[[related.indices]]
    name = "categories"
    weight = 20

  [[related.indices]]
    name = "title"
    weight = 10

Say your blog yaml header looks like this:

---
layout: post
title: "Introducing Henry - a Jekyll theme"
tags: [jekyll, blogging]
---

Henry will search for similar posts that have the tag “jekyll” or “blogging” and show them in the related section at the bottom of every post. It’s that simple.

External URLs (Daring Fireball style)

John Gruber of Daring Fireball fame pioneered a style of blogging where you share a link to another website but supplement it with commentary of your own.

The » points you directly to the external website while clicking the title directly takes you to your internal version of the post containing the commentary.

All you need is an externalLink at the top of your post and Henry takes care of the rest:

---
layout: post
title: "Fragmented Podcast - Episode #2 : Android Studio"
externalLink: http://fragmentedpodcast.com/episodes/2/
---

Canonical URLs

Sometimes I write blog posts for my company’s tech blog or a Medium account. If I want to give the post additional lift and surface it to my own followers, I like to additionally post the content to my own blog here. It’s a good idea to also host content at a place that you own and control2.

But you have to be a little careful about copy pasting content in more than one place on the internet. Google might ding your search engine ranking for duplicating content. The kosher way to do this is using “canonical urls”.

With Henry, I can now copy paste the content from elsewhere, add the canonical url in my post and have it attributed correctly.

---
layout: post
title: Hackathon vote tabulation using Google Forms & Kotlin
canonicalUrl : https://tech.instacart.com/free-hackathon...
---

Should my company or Medium ever decide to bring my content down, I can remove the canonical_url reference from the top of my post and rest peacefully knowing that my content will always be available here.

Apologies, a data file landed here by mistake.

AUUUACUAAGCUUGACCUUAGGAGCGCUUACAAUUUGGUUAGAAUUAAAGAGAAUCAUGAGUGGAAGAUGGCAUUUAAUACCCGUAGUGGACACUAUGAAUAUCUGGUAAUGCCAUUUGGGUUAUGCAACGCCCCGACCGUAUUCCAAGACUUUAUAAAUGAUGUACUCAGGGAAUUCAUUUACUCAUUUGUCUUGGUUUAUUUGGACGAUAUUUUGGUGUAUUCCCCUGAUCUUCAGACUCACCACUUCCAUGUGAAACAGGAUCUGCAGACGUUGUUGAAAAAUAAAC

Alternate URLs (aliases)

Wouldn’t it be nice if I could link to the same blog post with easier slugs or URLs? I find the slug or title of a blog post limiting at times. Here’s an example:

https://jkl.gg/b/jekyll-footnote-tufte-sidenote/

This works if you’re pasting a hyper link. But when i’m talking to folks, I’d like to be able to say “hey! go to my blog and add /sidenotes to check that feature out”. Now try these URLs out:

I had to build this feature custom with Jekyll but Hugo again has it built in as “aliases”:

---
title: Jekyll footnotes as Edward Tufte inspired sidenotes
layout: post
aliases:
    - sn/
    - sidenotes/
---

Think of this feature as a bitly or link shortener for your blog!

Draft badges

Hugo natively supports the draft feature pretty well.

---
title: Jekyll footnotes as Edward Tufte inspired sidenotes
layout: post
draft: true
---

This draft post will only show up when you run the local server.

This is great but my brother mentioned that when you start to accumulate a lot of drafts locally, it becomes confusing to differentiate between the published posts and local drafts. Wouldn’t it be nice if you had a “draft” badge of sorts to make the drafts jump out?

Henry at your service:

RSS feeds

This is one of the places where I feel Jekyll had an edge over Hugo. Jekyll generated well strucured atom feeds by default. Hugo’s RSS 2.0 feed was a tad bit limiting.

I spent a lot of time tweaking the RSS feeds to play nice so you should be covered with Henry in Hugo as well.

Resources

Installation instructions

You can find installation instructions on Github.

Reporting bugs/Feature requests/questions

If you have noticed something off, want to ask questions or have bugs to file, please file them over in the Github issues. I try to stay on top of that list.

If you’re not comfortable with Github you can hit me up on twitter @kaushikgopal.

Supporting Henry

I’m fortunate to have a job that pays me to do work that I love. I’m not in need of the financial assistance right now.

But If you’re feeling generous please donate to a charity you believe in and send me a link. That’ll inspire me more than anything else to keep working on Henry.

Do you use Henry?

Feel free to update this README.md if you use Henry. It’ll mean a lot to see Henry being used by creators in the wild.


  1. A set of tips and suggestions that help style web articles more legibly. ↩︎

  2. I learnt this the hard way when the startup I worked for (Wedding Party) shuttered down. It had a burgeoning tech blog with a lot of my earliest Android content. We were acquihired and the domain had to be given away. Alas! My posts were gone. Never again, I thought to myself. ↩︎